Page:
The boys and girls from DrinkBox Studios are back on the PS3 and Vita with a brand new offering. While there are no mutant blobs in space this time round, there is a tale. A tale about a princess, kidnapped by an evil super villain and as you’ve probably guessed already, in need of rescuing by you.

Drinkbox Studios Black Logo

You control Juan, a farmer from the outskirts of small town Pueblucho, Mexico. After being alerted to a large explosion at El Presidentes mansion, you discover that a an evil skeleton intent on sacrificing the daughter of the president in a bid to acquire eternal power. Then you are murdered. Game over right? Nope. Juan wakes up in the world of the dead and happens upon Lucho Libre, or mask of the dead. Thus allowing him to travel back and forth between the world of the living and his new home in a bid to stop it all before it’s too late.


Guacamelee! is essentially a ‘metroidvania’ side scrolling platformer, filled to the brim with combo’s and drenched in DrinkBox’s trademark style. It’s charming, has clichéd narrative that doesn’t take itself seriously and brings back found memories of the 16/24 bit era. Think Super Metroid meets the Three Amigos. A fairly big map filled with blocked off corridors and suspicious dead ends for you explore, make a mental note and come back for later. And all of this is interconnected as one large level.

While traversing this Viva Piñata of a world, you will gradually uncover more of Juan’s powers, bestowed upon you by a shape shifting goat. These range from wrestling moves such as suplex and frog splashes, to turning yourself into a chicken in order to get into all the nooks and cranny’s you come across. Each power gives you an ability which act as key’s that will have you scratching your head as to remember where you’ve seen a tiny gap of an oddly coloured block that maybe, if you use that move in that place, will unlock a new path.

These moves fit into the combat system nice and snug, giving you the feeling that you are stringing big combos together while not being overly complicated. Enemies start off in small groups with simple attacks that are effortlessly dodged, but soon start getting bigger, badder and in loftier mobs. They then come coupled with shields that require specific moves to break, handily colour coded so you know exactly how to hit them. While it is a pretty simple system, it does leave you feeling satisfied when you clear a room of 20 enemies without a scratch.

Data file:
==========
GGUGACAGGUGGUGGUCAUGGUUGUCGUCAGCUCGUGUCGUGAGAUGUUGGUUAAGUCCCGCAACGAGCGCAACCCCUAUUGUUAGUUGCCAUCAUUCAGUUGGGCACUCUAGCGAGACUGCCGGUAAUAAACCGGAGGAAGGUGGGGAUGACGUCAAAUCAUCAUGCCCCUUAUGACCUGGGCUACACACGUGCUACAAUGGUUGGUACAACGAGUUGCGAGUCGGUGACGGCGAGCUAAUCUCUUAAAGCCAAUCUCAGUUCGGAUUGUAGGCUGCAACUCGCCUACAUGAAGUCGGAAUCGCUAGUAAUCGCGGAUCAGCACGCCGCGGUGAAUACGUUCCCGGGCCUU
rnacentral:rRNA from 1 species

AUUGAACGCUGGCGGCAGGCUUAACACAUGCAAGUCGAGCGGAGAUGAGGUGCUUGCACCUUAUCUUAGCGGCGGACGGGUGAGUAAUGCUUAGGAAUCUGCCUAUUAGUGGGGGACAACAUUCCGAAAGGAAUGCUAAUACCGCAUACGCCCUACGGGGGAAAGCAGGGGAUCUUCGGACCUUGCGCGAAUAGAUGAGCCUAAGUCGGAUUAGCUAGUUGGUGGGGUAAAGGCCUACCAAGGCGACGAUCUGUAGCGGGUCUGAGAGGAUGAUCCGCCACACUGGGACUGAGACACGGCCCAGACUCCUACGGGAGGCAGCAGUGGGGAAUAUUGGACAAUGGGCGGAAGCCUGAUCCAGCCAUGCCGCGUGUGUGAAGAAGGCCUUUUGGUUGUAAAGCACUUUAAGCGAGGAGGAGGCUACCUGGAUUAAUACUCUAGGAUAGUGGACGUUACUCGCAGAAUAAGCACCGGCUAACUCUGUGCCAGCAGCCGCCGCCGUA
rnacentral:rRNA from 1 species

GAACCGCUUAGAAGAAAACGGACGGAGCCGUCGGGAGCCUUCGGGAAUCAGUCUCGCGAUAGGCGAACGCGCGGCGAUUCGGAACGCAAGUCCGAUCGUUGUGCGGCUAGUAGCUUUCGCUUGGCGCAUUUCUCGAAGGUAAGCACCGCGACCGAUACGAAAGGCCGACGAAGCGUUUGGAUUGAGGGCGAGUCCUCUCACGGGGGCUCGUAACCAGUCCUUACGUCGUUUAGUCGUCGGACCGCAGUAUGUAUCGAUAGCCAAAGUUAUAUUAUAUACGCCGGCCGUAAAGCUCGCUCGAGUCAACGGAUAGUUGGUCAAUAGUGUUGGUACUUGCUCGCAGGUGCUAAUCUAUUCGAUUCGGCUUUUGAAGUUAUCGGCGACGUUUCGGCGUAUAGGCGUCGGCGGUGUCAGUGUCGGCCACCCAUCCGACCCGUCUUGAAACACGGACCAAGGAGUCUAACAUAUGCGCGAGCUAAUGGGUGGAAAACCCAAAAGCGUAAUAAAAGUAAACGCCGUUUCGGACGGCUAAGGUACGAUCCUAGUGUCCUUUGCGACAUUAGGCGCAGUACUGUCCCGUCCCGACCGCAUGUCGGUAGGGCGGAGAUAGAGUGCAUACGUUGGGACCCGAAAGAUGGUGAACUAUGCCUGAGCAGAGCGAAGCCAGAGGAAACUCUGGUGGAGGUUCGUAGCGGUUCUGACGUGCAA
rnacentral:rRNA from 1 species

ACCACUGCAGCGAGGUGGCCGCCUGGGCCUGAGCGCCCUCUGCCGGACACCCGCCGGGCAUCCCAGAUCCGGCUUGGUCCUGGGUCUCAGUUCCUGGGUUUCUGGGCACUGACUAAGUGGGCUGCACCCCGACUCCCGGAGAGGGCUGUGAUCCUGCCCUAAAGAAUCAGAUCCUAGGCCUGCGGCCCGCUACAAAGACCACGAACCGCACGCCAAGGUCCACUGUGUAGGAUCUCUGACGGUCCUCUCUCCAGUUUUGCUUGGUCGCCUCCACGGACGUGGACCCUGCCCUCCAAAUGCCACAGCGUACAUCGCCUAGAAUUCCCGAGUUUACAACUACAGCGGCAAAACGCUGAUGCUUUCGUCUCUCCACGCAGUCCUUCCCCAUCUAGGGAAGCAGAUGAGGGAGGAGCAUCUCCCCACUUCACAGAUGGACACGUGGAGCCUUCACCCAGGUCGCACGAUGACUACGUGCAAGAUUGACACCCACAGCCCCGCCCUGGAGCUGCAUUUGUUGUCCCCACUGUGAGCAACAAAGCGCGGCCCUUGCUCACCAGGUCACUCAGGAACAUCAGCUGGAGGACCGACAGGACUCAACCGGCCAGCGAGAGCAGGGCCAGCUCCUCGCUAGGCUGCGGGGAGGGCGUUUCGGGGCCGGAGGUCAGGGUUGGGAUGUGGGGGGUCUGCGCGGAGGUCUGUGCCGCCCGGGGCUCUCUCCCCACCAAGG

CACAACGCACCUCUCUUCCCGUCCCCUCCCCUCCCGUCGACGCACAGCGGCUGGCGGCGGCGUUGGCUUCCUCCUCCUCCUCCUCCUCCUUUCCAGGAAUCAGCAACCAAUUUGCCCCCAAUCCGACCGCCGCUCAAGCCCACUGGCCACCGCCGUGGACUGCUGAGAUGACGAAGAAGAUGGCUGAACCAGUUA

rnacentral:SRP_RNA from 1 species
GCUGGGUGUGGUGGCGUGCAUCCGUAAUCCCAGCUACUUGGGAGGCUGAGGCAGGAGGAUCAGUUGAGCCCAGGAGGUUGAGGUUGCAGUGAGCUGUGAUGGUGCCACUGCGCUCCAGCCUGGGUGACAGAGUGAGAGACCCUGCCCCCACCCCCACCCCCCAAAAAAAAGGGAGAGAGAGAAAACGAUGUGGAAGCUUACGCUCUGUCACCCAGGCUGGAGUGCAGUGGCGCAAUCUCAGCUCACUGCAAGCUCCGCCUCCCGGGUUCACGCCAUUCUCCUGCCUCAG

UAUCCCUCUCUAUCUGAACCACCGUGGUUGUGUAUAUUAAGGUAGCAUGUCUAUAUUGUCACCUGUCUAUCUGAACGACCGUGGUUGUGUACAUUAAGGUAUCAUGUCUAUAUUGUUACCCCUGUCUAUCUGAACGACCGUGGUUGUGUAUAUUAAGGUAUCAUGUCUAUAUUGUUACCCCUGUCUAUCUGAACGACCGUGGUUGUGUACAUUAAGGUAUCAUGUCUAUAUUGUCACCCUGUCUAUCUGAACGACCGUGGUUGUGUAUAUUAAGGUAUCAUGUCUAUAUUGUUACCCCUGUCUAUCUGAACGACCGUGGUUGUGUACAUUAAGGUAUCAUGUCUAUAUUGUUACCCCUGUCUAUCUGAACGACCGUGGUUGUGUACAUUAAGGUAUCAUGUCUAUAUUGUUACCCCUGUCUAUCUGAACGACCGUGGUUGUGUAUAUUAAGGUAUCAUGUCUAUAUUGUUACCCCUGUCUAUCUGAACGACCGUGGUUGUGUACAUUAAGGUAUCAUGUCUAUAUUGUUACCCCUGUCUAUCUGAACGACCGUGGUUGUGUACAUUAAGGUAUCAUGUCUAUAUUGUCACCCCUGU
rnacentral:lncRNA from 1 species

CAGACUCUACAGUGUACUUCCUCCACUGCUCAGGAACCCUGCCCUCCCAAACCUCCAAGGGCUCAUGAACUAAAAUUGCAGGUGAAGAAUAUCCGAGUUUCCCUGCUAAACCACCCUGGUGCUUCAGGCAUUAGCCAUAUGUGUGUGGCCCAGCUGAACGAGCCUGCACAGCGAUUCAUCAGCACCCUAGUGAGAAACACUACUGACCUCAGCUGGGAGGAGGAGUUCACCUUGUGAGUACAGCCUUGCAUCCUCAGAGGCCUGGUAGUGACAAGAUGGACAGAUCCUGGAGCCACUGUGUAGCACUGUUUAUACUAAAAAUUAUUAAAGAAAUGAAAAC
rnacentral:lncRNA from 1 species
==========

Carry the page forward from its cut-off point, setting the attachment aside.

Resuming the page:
Bosses look cool, and have great designs, the best being Javier Jaguar and Flame Face. Boss fights are enjoyable and pretty challenging at first but after a couple of attempts you’ll learn the attack patterns and vanquish them without a hitch. Upon completing the game a hard mode is unlocked and this pumps up the damage the enemies do to you, but I didn’t find it too perplexing.


The platforming can be frustrating at times and getting the timing of certain moves gets to be a pain, particularly in the optional areas (Tree Tops I’m looking at you!). However if you fall you are returned to that last platform you were safe on without penalty, thus preventing me from rage quitting.

Lastly the soundtrack is excellent. Funky upbeat Mexican tunes in the towns, creepy remixes in the dead world and ambient beats in the temples. All fit perfectly with the games art direction.

All in all Guacamelee! is great little package. If I had to pick a flaw it would be that it’s just a bit too short. At around 7 hours to 100% the game and add another 3 or 4 doing it again in hard mode, the package is worth it’s £9.99/$14.99 price tag. Hopefully some DLC will appear in the near future. Nonetheless I highly recommend it.


Out now on PS3 and Vita, features Cross-Buy.

Gareth Davies

Game purchased by reviewer.

One response to “Guacamelee

  1. Pingback: Guacamelee |·

Please leave a comment or your views on the subject. All views gladly welcomed.

Fill in your details below or click an icon to log in: Logo

You are commenting using your account. Log Out /  Change )

Google photo

You are commenting using your Google account. Log Out /  Change )

Twitter picture

You are commenting using your Twitter account. Log Out /  Change )

Facebook photo

You are commenting using your Facebook account. Log Out /  Change )

Connecting to %s